Archdiocese parishes ‘light up” with energy efficiency
Parishes across the archdiocese are lighting up anew – ecologically.
They range from large to small parishes, several in greater Cincinnati, a few in Dayton.
Matt Kolbinsky, president of PRO Lighting & Solar, LLC., said most projects to date are for LED lighting improvements generated by cost rebates made available from Duke Energy.
St. Martin of Tours in Cheviot completed a project in Fall 2014, said parish business manager Lois Sundrup.
“Using LED lighting in the body of the church was one of the first projects. As far as the gymnasium there, the LED lighting was the first project in the archdiocese,” Kolbinsky said.
“Duke Energy rebates came for gymnasiums in April 2014. So, the St. Martin project was dependent upon when they could get a cost savings,” Kolbinsky said. For example, a gym or similar space requires a special LED bulb so the Duke rebate extends only to those.
“St. Martin of Tours is seeing approximately $400 to $500 in savings per month – approximately $4,800-$6,000 per year,” Sundrup said.
“Beyond that, it is brighter; it’s aesthetically nice; it’s beautiful. The church is gorgeous with the new lighting. SECO Electric Company completed installation in the church, church basement, parish center/gym, school and outside.”
The archdiocese encourages energy efficiency in parishes and schools and many parish campuses are changing to LED lighting. These projects illustrate dedication to caring for Earth and are examples of responding to the call of Pope Francis’ recent encyclical on the environment, Laudato Si’.
Another project, coordinated by Kolbinsky’s company, recently started at Our Lady of the Visitation Parish in Bridgetown.
“We started installation during the Christmas break and they’re to finish before the spring. We are only doing an LED lighting upgrade to the exterior of our property and school including the church and school parking lots. The church is new but we are getting ready to start a building campaign to add on to the church. We don’t want change with church right now,” said Diane Williams, stewardship development director and former business manager. She has worked 24 years at the parish.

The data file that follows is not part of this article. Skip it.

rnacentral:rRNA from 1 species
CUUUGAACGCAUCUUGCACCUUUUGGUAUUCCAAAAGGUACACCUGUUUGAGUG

Leslie House, current business manager, said: “The fixtures in our school are older and require maintenance and repairs … so replacement with LED offers us some very good rebates. And also a monthly savings on our utility bill.” Williams noted the school is one the archdiocese’s larger schools with 809 students. Total project cost is about $172,00, Kolbinsky said.
“We have also been ‘green’ conscious for some time,” Williams said. “We are working with Matt to put the solar roof on our gym. He was working with me on the possibility that he could find capital investors willing to pay for it but that fell through. We would love to go solar on the gym. It’s something that could be incorporated in a (planned future) capital campaign.”
At St. Bernard Taylor Creek, “we have a contract but we just ordered the material. It is roughly a $75,000 LED lighting project for everything there except for the … church,” Kolbinsky said. However, the goal is to add church lighting to the budget in anticipation of the parish’s 150th anniversary celebration next year. “So the cafeteria, parish center, offices, school (in the current contract) and (eventually) the church encompasses the whole facility. St. Bernard’s is a small parish with fewer than 300 students in the school,” he noted.
More and more parishes are calling Kolbinsky for LED lighting and solar panel quotes.
“I just bid the Church of the Ascension in Kettering and we just quoted St. Francis of Assisi in Dayton. I’m working on St. Charles Borromeo in Kettering, St. James of Valley in Wyoming, St. William in Price Hill.
“We’ve also completed projects at St. Ann in Groesbeck, and St Therese, the Little Flower, Mount Airy. At The Church of the Assumption in Mount Healthy we did lighting for the interior of the church. That was the first church where we put in LED lights,” Kolbinsky said.
This article first appeared in the February 2016 print edition of The Catholic Telegraph.